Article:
Parents often worry whether their child is growing and developing at the right pace.
Each child has their own timetable, but there are some milestones doctors look for.
Josie Reed is an energetic 4-year-old who loves Elmo, Peppa the Pig, and Elsa.
Whenever Josie comes for a check-up, Dr. Judy Larkin of Nemours duPont Pediatrics checks her physical and behavioral progress.
"There's a lot that we can tell by just watching them," Larkin said. "There are things that we can pick up early, that we can get kids extra help."
At two months, infants become more aware of their surroundings, and begin interacting with mom and dad.
"They might be smiling at them, they're responding to sounds," Larkin said.
At about six months, they've mastered rolling over, and are working on sitting without support.
They're also starting to babble.
"She started to babble early on, and just a lot of, like, really loud noises," Jennifer Reed said of Josie.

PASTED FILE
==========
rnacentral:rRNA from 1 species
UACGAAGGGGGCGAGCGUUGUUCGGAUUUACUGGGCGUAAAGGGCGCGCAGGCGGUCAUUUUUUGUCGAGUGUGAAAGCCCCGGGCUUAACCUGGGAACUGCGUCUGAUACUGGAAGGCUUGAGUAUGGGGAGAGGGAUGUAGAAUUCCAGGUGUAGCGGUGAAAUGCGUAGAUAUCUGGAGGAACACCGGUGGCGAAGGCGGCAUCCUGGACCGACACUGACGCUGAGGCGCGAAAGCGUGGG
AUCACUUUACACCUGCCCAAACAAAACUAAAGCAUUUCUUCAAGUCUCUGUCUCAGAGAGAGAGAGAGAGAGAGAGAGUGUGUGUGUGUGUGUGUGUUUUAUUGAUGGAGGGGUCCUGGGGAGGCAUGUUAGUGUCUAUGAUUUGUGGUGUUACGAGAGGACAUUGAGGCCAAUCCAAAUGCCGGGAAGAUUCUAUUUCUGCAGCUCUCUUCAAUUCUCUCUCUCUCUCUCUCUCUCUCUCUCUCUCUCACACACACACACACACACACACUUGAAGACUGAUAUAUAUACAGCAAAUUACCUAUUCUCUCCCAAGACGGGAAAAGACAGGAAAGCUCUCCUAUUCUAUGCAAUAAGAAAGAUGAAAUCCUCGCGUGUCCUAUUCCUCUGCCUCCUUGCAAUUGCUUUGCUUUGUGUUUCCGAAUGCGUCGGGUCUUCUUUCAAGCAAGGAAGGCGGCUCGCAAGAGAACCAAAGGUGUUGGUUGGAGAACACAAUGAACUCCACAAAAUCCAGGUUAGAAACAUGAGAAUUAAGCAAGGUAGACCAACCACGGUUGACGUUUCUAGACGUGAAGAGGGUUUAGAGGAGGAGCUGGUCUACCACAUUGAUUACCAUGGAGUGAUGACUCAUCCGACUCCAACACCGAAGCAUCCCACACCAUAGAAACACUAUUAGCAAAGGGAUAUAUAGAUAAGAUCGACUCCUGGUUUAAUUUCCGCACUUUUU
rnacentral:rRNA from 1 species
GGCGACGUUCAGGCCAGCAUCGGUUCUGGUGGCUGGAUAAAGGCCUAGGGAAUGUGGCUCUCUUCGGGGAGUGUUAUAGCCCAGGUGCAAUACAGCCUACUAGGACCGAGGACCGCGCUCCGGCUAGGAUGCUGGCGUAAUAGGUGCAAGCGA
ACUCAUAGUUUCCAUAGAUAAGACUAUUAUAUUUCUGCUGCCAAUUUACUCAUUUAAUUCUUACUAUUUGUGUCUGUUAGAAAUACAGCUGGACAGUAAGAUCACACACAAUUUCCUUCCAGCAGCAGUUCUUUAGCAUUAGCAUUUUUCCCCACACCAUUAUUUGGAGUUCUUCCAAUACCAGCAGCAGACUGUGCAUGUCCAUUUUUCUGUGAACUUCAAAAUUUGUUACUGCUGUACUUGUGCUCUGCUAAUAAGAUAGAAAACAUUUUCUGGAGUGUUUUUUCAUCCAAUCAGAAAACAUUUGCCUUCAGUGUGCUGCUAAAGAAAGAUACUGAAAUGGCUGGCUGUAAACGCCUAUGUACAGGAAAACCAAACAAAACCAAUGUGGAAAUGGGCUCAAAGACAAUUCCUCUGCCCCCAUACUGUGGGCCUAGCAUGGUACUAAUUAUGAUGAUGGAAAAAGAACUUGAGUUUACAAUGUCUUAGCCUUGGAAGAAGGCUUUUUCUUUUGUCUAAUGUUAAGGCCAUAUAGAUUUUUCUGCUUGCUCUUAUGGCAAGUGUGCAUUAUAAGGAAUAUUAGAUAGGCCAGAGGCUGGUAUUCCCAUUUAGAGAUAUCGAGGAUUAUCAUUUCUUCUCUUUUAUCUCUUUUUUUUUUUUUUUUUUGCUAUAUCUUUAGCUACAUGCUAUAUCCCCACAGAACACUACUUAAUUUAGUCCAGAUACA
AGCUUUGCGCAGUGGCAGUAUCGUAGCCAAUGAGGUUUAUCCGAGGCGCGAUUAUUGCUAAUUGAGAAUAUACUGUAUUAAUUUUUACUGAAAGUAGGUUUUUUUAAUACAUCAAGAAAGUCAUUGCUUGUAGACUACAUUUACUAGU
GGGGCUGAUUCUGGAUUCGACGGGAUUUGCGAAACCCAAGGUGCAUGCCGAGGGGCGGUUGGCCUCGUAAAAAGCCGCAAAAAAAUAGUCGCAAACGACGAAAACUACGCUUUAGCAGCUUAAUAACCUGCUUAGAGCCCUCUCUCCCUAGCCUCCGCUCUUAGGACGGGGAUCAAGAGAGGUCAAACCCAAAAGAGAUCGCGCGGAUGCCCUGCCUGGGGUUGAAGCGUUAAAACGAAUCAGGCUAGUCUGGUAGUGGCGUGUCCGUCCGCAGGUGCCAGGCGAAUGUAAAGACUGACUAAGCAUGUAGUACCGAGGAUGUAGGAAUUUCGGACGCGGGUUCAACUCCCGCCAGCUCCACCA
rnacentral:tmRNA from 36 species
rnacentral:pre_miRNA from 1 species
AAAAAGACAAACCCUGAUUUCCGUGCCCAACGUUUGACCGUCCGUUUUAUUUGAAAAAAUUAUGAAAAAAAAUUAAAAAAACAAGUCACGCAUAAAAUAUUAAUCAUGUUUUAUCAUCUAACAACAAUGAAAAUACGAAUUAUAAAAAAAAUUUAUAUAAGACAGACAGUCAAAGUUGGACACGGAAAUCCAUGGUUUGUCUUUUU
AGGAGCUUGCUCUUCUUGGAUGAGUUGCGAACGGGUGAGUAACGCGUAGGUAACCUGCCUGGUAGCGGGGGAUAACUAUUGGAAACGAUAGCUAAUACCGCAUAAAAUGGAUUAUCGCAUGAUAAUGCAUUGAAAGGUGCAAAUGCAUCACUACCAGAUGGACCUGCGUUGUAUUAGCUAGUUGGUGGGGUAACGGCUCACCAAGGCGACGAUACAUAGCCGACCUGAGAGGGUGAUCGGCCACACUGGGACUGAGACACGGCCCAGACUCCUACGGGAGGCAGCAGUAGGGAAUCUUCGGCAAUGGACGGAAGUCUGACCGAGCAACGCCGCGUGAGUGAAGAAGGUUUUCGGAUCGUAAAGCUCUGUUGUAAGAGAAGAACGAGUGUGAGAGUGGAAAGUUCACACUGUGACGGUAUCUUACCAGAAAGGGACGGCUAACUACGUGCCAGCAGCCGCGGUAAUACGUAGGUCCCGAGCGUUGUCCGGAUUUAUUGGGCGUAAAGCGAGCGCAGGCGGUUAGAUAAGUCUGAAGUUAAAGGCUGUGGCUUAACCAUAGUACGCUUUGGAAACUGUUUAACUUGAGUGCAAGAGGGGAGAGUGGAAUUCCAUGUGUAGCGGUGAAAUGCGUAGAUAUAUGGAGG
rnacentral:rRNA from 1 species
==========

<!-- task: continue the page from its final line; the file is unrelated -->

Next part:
By 1, babies can usually say "mama" or "dada," and wave hello or goodbye.
They're also usually on the verge of, or have started, walking.
"She just kind of flipped the switch, and then was just full steam ahead and then I couldn't stop her," Jennifer Reed said.
From 18 months to 2-years, communication skills take big leaps - they're aware of people, know and can point to body parts, and string words together in simple sentences.
"They're also starting to interact with other kids," Larkin said.
More big changes take place between ages 3 and 4. Sentences are longer, kids learn the names of friends, teachers, and family members.
"The biggest thing parents can do to encourage development is to read," Larkin said. "That helps to get kids excited about learning."
Kids Health Matters: Milestones that parents should know
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